He was born between the Great Wars, in the middle of what became known as the “Great Depression” in 1933. His mother gave birth in a charity hospital in Shreveport, Louisiana, and returned to the little town of Dubach with the new baby. She and her husband named him “Wilford Eugene” and they called him “Gene.” He was seven years younger than his next youngest sibling, his sister Erma Lou.
As war engulfed the world, Gene grew up working the red clay soil of north-central Louisiana with his father. He graduated from Dubach High School in 1950. His older brother Melvin served in the military, as did most young men during WWII and immediately afterwards.
So it was no surprise when Gene enlisted in the new United States Air Force, which had before been the Army Air Corps. He soon found himself flying around the world in one of the biggest airplanes ever built, the B-36, which had both turboprops and jet engines. It also carried nuclear weapons. Gene’s job was to sit in the extreme end of the fuselage and man the guns mounted at the rear. He was a “tailgunner.”
He served in two wars, Korea and Vietnam. He never talked about combat much. He moved from the B-36 to the B-52 when the great StratoFortress took to the air. He talked about the extreme cold at the altitude the bombers flew, and the cramped quarters and the constant fear of sudden death that all crew members felt. But he would also talk about the roiling vortices of contrails spiraling from the wingtips, corkscrewing behind the plane as it flew. When flying east at sunset he described the vortices as looking down twin spiraling tunnels of rainbow-colored ice crystals. It was one of the most beautiful things he ever saw.
He got married in Spokane and took his young wife, Marie, to Texas after giving birth to their first son, Keven. Keven had a difficult childhood, his bones did not form properly and he lived much of his infancy in a full-body cast. Gene and Marie drove to El Paso, Texas with Keven in his cast. Marie also had health problems that nearly took her life, but a miraculous surgery repaired her problems and she made a full recovery.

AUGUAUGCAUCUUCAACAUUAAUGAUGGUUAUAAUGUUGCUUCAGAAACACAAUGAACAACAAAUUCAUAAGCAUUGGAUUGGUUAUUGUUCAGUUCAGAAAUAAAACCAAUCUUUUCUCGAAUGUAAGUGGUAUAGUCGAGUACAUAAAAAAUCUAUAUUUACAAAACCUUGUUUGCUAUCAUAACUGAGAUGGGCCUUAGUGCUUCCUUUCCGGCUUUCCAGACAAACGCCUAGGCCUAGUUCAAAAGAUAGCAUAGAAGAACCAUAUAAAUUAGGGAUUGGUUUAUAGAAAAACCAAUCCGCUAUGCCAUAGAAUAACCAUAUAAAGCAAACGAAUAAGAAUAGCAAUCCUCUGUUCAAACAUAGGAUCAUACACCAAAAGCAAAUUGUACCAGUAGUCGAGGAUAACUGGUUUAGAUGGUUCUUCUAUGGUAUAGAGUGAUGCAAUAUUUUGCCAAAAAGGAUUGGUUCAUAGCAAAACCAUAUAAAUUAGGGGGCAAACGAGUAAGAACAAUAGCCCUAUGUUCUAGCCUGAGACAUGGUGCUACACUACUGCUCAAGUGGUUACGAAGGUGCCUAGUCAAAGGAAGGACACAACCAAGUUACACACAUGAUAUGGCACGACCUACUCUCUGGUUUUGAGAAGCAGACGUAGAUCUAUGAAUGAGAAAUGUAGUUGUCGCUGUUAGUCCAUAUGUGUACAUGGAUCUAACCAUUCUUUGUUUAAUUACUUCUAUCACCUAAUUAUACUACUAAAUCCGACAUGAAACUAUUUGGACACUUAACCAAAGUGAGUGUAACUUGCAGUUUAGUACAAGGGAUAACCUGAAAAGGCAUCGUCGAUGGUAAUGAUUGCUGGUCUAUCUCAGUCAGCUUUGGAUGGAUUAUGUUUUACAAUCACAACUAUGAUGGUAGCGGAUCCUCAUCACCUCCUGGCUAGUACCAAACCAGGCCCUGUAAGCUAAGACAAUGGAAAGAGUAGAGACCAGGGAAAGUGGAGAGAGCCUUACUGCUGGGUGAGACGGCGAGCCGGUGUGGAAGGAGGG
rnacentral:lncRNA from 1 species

In El Paso the couple gave birth to three more sons, Scott, Huey, and Sean. These were heady days for Gene, he was moving up the enlisted ranks and found himself flying a desk more than a plane eventually. During the Cuban Missile Crisis though, he was on patrol over the Gulf of Mexico, with nuclear weapons just a few feet in front of him in the belly of the B-52.
They moved to Mississippi for a short time, long enough to have their only daughter, Tammy, and their last son, Mike. Then he was stationed in Guam where he was the top NCO in the command center during the height of the Vietnam war. It was there that he met and talked strategy with Jimmy Stewart, by then a Brigadier General in the Air Force, and one of the most respected men in the country. He described Jimmy as respectful, polite and extremely competent. He played golf there with Bob Hope one blissful day, and would speak of that for the rest of his life.
When his tour in Guam ended he returned to Barksdale Air Force Base in Louisiana, just a short drive west of his boyhood home in Dubach. After more than 20 years serving his country honorably and with distinction, he retired in 1972. A divorce followed soon after and the children went their separate ways, Gene keeping the oldest four boys, and Marie taking the youngest two children. The divorce was bitter and the family was estranged for decades.